Humans and androids crowd the raucous streets of New Beijing. A deadly plague ravages the population. From space, a ruthless lunar people watch, waiting to make their move. No one knows that Earth’s fate hinges on one girl. . . .
Cinder, a gifted mechanic, is a cyborg. She’s a second-class citizen with a mysterious past, reviled by her stepmother and blamed for her stepsister’s illness. But when her life becomes intertwined with the handsome Prince Kai’s, she suddenly finds herself at the center of an intergalactic struggle, and a forbidden attraction. Caught between duty and freedom, loyalty and betrayal, she must uncover secrets about her past in order to protect her world’s future.
About the Book
Cinder by Marissa Meyer
Series The Lunar Chronicles, #1
Format Hardcover, 387 pages
Publisher Feiwel & Friends (2012)
Read March 26 to March 26, 2017
Cinder is a cyborg (a mainly pejorative term for someone with artificial limbs and/or neuro-wiring) who lives in New Beijing in the Eastern Commonwealth. She had been turned cyborg after a debilitating accident in her childhood left her with no choice. It also left her with no memories previous to the accident at eleven years of age. She was orphaned but saved by a kindly man who died soon after the adoption, leaving her with – you guessed it – an evil stepmother and her two daughters. Now a teenager, Cinder works as a mechanic to help bring money into the family. Although she’s good at what she does and she enjoys her work, she is nothing more than a slave.
Cyborgs are simply humans with highly sophisticated prosthetics, yet they are not considered as such. They have to pay for their freedom but even when freed, they are looked down upon as members of a subhuman societal caste. Cinder makes the most of what she has – a talent in mechanics, an aspiring reputation as the best mechanic in New Beijing, an android companion with a prince-swooning personality chip defect, and one step-sister who treats her with compassion.
In this futuristic setting, two massive threats are taking its toll across the world. A deadly pandemic is spreading rapidly and with no cure in sight, people are beginning to panic. And while peace between nations has been stable for some time, a war seems likely with Luna, a colony of human-like aliens on the moon who yield powers to possess and control through glamours and bioelectricity. Cyborgs face the biggest threat. While the search for a cure is hastened as the world balances precariously on the brink of an interplanetary war, cyborgs are being drafted in large numbers to give their lives for the sake of science.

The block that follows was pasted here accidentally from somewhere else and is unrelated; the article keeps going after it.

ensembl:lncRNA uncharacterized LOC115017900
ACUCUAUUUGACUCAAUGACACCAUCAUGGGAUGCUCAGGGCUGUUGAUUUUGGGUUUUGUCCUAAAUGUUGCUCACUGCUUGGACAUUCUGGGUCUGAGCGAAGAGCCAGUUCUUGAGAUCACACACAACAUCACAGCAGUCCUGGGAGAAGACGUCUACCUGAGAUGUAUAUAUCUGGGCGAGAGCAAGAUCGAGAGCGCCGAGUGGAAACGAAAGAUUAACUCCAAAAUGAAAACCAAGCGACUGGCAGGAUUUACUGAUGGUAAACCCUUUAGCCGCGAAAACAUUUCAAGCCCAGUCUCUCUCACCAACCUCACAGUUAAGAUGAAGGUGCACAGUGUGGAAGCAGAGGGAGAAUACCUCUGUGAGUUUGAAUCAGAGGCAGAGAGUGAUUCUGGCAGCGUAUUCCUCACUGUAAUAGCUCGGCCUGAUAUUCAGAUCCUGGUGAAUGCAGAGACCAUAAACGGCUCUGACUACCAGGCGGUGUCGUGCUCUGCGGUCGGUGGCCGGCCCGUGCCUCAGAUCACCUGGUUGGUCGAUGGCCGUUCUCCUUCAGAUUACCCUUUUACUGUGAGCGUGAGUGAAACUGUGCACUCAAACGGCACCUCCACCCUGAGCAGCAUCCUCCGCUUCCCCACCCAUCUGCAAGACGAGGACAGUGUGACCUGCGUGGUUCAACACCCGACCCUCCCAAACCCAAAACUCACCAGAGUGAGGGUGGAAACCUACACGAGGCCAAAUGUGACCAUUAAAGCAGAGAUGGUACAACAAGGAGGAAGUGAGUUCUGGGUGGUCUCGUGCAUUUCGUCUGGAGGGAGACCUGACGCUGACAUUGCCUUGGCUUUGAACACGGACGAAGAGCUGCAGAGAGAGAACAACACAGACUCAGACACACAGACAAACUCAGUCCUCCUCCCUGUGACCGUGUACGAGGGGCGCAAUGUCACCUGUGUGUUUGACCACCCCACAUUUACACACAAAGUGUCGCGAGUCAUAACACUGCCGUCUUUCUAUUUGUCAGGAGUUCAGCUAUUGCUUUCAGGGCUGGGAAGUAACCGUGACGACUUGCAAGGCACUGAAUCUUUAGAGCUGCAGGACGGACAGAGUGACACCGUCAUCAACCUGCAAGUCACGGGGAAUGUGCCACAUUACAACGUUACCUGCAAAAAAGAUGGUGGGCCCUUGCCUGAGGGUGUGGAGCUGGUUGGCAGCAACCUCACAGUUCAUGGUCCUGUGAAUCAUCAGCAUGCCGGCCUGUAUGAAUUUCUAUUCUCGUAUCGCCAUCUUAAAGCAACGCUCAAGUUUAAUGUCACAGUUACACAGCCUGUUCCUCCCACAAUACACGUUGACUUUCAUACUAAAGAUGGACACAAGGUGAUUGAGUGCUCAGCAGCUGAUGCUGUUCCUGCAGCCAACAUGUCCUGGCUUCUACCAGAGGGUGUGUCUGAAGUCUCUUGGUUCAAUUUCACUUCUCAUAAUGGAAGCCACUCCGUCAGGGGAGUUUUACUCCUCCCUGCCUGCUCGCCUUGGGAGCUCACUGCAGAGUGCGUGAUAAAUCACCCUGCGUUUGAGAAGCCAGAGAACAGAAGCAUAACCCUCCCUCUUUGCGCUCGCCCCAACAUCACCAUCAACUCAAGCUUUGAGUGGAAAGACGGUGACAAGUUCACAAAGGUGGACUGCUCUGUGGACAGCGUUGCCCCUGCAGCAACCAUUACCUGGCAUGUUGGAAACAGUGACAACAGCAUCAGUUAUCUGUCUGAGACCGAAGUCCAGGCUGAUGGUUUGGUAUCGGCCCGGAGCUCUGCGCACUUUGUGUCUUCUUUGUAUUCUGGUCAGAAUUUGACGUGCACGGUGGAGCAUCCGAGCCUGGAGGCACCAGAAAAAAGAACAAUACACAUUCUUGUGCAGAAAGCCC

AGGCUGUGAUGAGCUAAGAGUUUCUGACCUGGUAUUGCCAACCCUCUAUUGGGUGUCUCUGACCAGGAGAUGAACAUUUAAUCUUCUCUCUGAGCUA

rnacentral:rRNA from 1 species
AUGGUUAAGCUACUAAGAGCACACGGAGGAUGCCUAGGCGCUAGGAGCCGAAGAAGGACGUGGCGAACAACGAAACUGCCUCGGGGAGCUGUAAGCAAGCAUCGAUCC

Cinder first meets the handsome Prince Kai when he walks into her shop looking for the best mechanic in New Beijing. His personal android is on the fritz and he needs Cinder’s help. She agrees to help him on his secret project but it isn’t long before a sequence of events unfold and send Cinder hurtling directly into the middle of an interplanetary conflict. And it all leads up to a great ball that Cinder was invited to as Prince Kai’s personal guest, much to the dissatisfaction of both her step-mother and Queen Levana, the Luna ruler.
Queen Levana comes to us from Snow White, complete with her magic mirrors. In this tale, she’s an alien – queen of the Luna colony. She is an evil woman who uses her power to glamour herself, convincing everyone of her beauty while simultaneously turning everyone who looks upon her into mindless drones who feel nothing but complete love and adoration. But mirrors and cameras are not able to be tricked, and so they are banned in her presence (the mirror cannot lie and show her to be the fairest). What Queen Levana wants is to rule earth. The nations have been trying for years to enter a peace treaty but her demand is firm: to become empress by forming a marriage alliance with Prince Kai.
The marriage alliance is a bargaining chip which could prevent war but Prince Kai refuses to take the bait. Moreover, he’s become enamored with lowly civilian Cinder – the only girl in New Beijing who doesn’t want to go the ball with him. But when Cinder discovers a Luna plot revolving around their own Luna fairy tale, she might just be tempted to make a grand entrance.
Cyborgs, and androids, and aliens … oh, my! This isn’t the sing-song bedtime story your mother read to you at night. There is anger, death, political espionage, plague, sorrow, and a whole array of science-fiction topics. But there are also those sweet connections to stories of yore – a prince constantly described as ‘charming’, the sinister step-mother, the spoiled step-daughter, a girl below social status receiving royal recognition, an evil queen, a mechanical android foot haphazardly left in haste at the palace steps …
There is no happily ever after at the end of Cinder. There are no rainbows or sunsets or song and dance numbers. Nor is there any resolution at all. There is only the need to pick up the second book. Are you ready for Little Red Riding Hood and the big bad wolf?
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